DEEP: Field Notes

Field Notes and What's New

 
Advanced Hunter Education
The DEEP Wildlife Division’s Conservation Education/Firearms Safety (CE/FS) Program offers hunting safety classes on firearms and archery hunting and trapping throughout the year. The classes are taught by a dedicated corps of certified volunteer instructors. The CE/FS Program is now offering Advanced Hunter Education seminars and clinics on such topics as waterfowl hunting, hunter marksmanship, small game hunting, venison processing, and wild turkey hunting. These hunting seminars and clinics are meant to expand on the knowledge and skills of hunters and anyone else who wants more information about pertinent topics in hunting. All programs are free and open to the public. Periodically check this webpage to see when courses are scheduled. Information on several courses planned for 2018 will be included in the 2018 Connecticut Hunting and Trapping Guide, which should be available by mid-December 2017. A brief description of the seminars and clinics follows:
 
Waterfowl Hunting Seminar: Sponsored by the Connecticut Waterfowl Association (CWA), this seminar will provide participants with all of the basic information needed to get started or become a more successful waterfowl hunter! Expert instructors will provide interactive presentations on various aspects of duck and goose hunting, including decoy spreads, biology, shooting, calling, and hunting techniques.
 
Hunter Marksmanship Clinic: Today’s hunter understands that owning and mastering a rifle or shotgun is part of his/her hunting heritage. Whether you are a new shooter or a seasoned marksman, this clinic can help you improve your mastery of marksmanship skills. After a review of marksmanship principles, participants will be coached one-on-one; get sighted in to 100 yards; and have the opportunity to shoot from multiple shooting positions.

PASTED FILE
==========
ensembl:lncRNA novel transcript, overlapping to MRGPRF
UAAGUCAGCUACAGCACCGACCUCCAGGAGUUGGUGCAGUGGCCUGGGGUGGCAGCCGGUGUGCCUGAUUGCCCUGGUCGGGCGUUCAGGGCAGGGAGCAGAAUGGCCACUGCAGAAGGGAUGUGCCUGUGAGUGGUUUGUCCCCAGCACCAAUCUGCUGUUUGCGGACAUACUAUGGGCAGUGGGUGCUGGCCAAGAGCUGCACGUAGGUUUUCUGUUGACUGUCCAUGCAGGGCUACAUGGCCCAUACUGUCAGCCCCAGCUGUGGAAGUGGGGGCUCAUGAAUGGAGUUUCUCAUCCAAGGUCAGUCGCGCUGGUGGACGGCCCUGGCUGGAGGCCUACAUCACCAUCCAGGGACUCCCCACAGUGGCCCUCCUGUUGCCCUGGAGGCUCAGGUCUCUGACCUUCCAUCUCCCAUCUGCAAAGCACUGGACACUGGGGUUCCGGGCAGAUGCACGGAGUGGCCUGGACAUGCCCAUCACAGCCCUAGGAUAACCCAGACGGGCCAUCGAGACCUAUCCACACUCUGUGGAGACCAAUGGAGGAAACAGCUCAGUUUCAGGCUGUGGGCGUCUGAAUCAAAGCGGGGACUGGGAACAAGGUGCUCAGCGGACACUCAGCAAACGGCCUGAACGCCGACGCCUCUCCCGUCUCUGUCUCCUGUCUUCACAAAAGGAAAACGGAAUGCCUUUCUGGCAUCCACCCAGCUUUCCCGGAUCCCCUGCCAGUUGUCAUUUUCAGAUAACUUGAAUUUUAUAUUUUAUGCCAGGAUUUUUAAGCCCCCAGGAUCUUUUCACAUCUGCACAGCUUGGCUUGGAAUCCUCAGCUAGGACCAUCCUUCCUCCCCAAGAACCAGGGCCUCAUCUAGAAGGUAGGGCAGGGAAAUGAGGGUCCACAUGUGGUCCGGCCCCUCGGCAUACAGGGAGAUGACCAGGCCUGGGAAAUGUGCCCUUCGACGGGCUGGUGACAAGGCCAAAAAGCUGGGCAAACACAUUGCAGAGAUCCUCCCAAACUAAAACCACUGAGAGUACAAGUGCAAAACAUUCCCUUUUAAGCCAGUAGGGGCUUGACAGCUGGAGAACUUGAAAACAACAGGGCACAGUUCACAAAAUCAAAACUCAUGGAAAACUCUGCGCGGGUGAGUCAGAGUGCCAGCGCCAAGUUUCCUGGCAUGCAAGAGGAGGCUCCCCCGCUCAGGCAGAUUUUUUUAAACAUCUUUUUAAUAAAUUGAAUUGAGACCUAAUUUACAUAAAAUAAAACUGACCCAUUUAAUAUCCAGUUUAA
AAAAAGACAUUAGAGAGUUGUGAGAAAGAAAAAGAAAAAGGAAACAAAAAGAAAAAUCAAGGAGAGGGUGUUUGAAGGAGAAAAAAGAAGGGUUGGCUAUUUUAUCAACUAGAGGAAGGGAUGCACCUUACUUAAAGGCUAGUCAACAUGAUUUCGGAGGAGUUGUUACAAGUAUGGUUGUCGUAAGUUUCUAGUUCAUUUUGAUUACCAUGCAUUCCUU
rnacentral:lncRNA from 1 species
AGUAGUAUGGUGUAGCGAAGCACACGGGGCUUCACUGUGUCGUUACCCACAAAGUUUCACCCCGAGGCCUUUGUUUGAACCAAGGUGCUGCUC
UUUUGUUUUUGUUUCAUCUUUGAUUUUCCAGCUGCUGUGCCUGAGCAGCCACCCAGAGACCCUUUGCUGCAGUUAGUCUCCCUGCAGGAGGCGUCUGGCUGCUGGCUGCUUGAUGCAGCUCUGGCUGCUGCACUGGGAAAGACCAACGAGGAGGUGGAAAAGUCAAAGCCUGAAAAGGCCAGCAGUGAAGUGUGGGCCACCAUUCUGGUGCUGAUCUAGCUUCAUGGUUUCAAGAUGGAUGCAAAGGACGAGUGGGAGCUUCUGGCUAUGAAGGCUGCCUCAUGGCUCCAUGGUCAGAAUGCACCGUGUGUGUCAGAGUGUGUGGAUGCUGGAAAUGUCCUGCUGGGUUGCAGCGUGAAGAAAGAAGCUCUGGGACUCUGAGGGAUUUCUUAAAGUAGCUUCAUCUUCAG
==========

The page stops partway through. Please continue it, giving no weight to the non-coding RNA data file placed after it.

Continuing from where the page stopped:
Small Game Hunting Clinic: Small game hunting is one of the most overlooked types of hunting. This clinic is designed to give hunters the tools and knowledge to hunt small game in Connecticut. Habitat, techniques, tactics, and game care will be covered. Participants will have the opportunity to skin a squirrel and receive some great recipes for preparation.
 
Venison Processing Seminar: This seminar will take participants through all the steps from skinning a deer to packaging venison. The instructor will share cooking secrets and samples.
 
Wild Turkey Hunting Safety Seminar: Both experienced and first-time turkey hunters stand to benefit from attending this seminar, which will provide A-Z hunting information, including safe hunting practices, specialized equipment, calls and decoys, site setup, and other strategies for harvesting turkeys. Participants will have an opportunity to pattern their shotguns for turkey hunting following classroom instruction.
 
Daily permits will be needed to hunt small game and pheasants on the following Saturdays at Cromwell Meadows WMA, Durham Meadows WMA, Housatonic River WMA, Nathan Hale State Forest, Naugatuck State Forest – Hunter’s Mountain Block, Simsbury WMA, and Skiff Mountain WMA:
  • Saturday, October 21
  • Saturday, October 28
  • Saturday, November 4
  • Saturday, November 11
  • Saturday, November 18 (Does not include Nathan Hale, Naugatuck SF, and Skiff Mnt.)
Daily permits are available for the morning (AM) or afternoon (PM).